EASTON — The legal battle over the proposed Saddle Ridge development on 124.7 acres of watershed land along Sport Hill Road has officially ended.
For more than five years, town residents, officials and others argued a housing development was too intense a proposal for the privately owned parcel bordered by Sport Hill, Westport, Silver Hill and Cedar Hill roads.
Developers Huntley “Bucky” Stone and Robert Carlson, on the other hand, contended that their plans, which would include affordable housing within the development, would not have a substantially different impact on the land than a plan approved in 2009 for 21 mansions. They appealed the commissions’ decisions in Superior Court.
Earlier this year, Hartford Superior Court Judge Marshall K. Berger ruled that the plans were not appropriate for the area. And recently, ending the debate once and for all, the Appellate Court decided not to take up the case, as requested by the developers.
Verne Gay, president of Citizens for Easton, a community group formed in the 1970s to help protect the town’s open space, said he’s not sure whether Stone, the face of the development, will now give up plans to develop the site or submit a new proposal.
“The courts rejected the appeal,” Gay said. “Does he have another move? I don’t know.”
For town residents, the legal battle was a long one that required constant attention and funds to pay a lawyer of their own. Citizens for Easton created the Coalition to Save Easton for this reason, which attained intervenor status in the case, meaning it was always aware of the latest actions in the case.
“It has been very hard,” Gay said. “We all have our own jobs and lives. Over the years, Bucky was well funded and he had a very good legal team. At any point through this process he could have prevailed. Our difficulty was to just keep fighting.”
“We’re very simply a local tree-hugger group here,” Gay added. “It has no other motivation. It’s just protecting the town.”
Stone and Carlson did not return calls for comment.
The town’s regulations limit development in the property’s zone to one dwelling unit per 2 acres of buildable area, excluding the wetlands. The developers sought a more dense housing complex of 99 units in 31 buildings, with 30 percent of the townhouses set aside as affordable.
Under state statute, if a town with less than 10 percent affordable housing rejects a developer’s application to build affordable housing, the burden of proof is on the town to show the plan would harm public health, safety or other matters.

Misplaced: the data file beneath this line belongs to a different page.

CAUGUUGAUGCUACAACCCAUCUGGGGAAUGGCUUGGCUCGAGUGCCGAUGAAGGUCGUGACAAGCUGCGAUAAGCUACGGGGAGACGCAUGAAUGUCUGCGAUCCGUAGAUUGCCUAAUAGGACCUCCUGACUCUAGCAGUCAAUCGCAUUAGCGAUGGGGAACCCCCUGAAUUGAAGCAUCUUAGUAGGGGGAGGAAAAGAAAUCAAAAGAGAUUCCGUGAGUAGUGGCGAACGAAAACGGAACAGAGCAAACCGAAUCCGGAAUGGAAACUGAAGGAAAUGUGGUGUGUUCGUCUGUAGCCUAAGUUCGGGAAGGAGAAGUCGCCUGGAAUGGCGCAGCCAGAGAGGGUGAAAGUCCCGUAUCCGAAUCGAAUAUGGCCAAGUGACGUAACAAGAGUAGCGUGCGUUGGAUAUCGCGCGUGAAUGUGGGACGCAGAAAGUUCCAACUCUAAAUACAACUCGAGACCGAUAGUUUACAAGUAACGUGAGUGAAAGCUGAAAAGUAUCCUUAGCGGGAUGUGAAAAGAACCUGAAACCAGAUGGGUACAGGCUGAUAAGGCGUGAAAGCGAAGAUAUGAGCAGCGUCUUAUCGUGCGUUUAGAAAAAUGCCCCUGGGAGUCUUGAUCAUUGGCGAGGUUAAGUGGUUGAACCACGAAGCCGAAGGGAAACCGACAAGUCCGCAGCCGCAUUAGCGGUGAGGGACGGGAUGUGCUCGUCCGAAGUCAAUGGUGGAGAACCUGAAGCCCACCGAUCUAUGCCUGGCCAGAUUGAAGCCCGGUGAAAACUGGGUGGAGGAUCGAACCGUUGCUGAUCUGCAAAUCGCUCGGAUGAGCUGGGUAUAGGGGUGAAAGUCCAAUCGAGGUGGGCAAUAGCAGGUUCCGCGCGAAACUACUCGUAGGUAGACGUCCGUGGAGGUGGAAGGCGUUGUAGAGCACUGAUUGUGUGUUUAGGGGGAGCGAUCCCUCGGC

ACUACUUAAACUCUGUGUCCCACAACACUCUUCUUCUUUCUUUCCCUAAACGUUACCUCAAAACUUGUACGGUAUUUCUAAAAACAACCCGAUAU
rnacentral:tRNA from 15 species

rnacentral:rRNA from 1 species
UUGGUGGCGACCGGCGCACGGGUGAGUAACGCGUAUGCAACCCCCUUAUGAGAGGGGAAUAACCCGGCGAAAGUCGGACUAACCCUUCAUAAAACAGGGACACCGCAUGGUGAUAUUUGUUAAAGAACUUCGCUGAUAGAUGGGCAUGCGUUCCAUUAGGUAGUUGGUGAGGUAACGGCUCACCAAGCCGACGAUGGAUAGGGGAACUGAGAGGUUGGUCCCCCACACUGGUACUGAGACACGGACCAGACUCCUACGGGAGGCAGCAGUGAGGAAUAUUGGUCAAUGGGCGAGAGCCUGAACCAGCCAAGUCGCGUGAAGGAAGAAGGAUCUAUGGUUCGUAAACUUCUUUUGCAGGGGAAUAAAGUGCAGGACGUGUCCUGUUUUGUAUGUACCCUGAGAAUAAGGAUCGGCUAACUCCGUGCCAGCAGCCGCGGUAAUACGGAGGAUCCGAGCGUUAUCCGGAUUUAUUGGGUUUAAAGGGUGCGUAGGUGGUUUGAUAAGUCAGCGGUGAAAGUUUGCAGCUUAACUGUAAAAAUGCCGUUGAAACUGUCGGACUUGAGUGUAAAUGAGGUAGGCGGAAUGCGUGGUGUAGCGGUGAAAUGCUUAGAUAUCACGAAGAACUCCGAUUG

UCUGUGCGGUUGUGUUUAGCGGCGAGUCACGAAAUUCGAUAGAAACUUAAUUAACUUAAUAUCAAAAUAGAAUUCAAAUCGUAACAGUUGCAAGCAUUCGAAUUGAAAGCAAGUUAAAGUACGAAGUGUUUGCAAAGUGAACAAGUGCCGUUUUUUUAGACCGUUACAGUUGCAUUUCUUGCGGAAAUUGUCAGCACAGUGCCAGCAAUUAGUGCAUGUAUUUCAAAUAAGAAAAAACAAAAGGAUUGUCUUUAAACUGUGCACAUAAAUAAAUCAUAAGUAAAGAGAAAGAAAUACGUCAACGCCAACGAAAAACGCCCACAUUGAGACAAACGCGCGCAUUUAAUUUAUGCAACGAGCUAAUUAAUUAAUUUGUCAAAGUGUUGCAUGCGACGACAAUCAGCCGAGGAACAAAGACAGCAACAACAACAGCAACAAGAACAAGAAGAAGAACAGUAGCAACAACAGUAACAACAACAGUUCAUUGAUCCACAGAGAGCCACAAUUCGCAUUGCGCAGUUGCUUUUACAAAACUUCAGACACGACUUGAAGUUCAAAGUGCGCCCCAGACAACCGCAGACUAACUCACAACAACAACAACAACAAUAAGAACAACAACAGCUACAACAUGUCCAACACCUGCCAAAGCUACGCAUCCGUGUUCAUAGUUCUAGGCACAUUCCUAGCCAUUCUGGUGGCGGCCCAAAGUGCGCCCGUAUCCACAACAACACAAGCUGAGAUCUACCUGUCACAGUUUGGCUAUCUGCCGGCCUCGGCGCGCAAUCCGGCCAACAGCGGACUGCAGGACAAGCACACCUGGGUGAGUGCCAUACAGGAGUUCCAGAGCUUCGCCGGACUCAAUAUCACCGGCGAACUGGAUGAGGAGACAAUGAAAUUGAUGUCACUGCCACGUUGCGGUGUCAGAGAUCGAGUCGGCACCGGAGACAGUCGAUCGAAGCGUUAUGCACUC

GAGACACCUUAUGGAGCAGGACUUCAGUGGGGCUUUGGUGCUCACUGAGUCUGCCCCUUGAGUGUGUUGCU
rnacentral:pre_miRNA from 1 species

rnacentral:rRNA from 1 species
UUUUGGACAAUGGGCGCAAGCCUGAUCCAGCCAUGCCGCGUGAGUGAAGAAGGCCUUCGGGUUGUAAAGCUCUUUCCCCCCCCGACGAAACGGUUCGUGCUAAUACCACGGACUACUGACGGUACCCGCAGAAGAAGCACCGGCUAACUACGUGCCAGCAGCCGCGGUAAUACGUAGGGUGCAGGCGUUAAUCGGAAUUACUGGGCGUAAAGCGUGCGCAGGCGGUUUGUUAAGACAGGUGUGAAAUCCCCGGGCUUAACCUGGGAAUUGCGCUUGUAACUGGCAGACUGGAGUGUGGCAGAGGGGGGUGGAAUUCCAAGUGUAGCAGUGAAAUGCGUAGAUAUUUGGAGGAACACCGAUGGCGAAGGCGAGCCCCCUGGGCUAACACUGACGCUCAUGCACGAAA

Ira Bloom, of the law firm Berchem, Moses and Devlin P.C., served as legal counsel for the town commissions. “For Easton it was extremely important to protect the town’s resources and, in particular, the public water supply area,” he said
The complex would have sat within two watersheds: the Easton Lake Reservoir and the Aspetuck Reservoir. Both serve as the Aquarion Water Co.’s public drinking water supply reservoirs that serve more than 400,000 Fairfield County residents.
First Selectman Adam Dunsby said protecting the watershed land merits appropriate restrictions on developments.
Brian Roach, program manager of environmental protection for Aquarion, said the 99-unit complex proposed housing densities that were more than two times the maximum density shown to be appropriate to protect water quality within watersheds.
“While Aquarion acknowledges the need for affordable housing in Connecticut, it strongly believes that high-density residential developments should only be considered for locations that are not within public drinking water supply watersheds,” Roach said.
In his 56-page decision, Judge Berger noted that the state statute that addresses affordable housing, section 8-30g, was not meant to tie the hands of communities like Easton, who have a low percentage of affordable housing.
“Saddle Ridge’s application highlights Easton’s need for affordable housing,” the decision states. “The Legislature’s enactment of (Section) 8-30g to accomplish that goal was not intended to allow every development at the cost of damaging natural resources such as our wetlands and watercourses. Sometimes, a different type or less intensive use of the land is demanded.”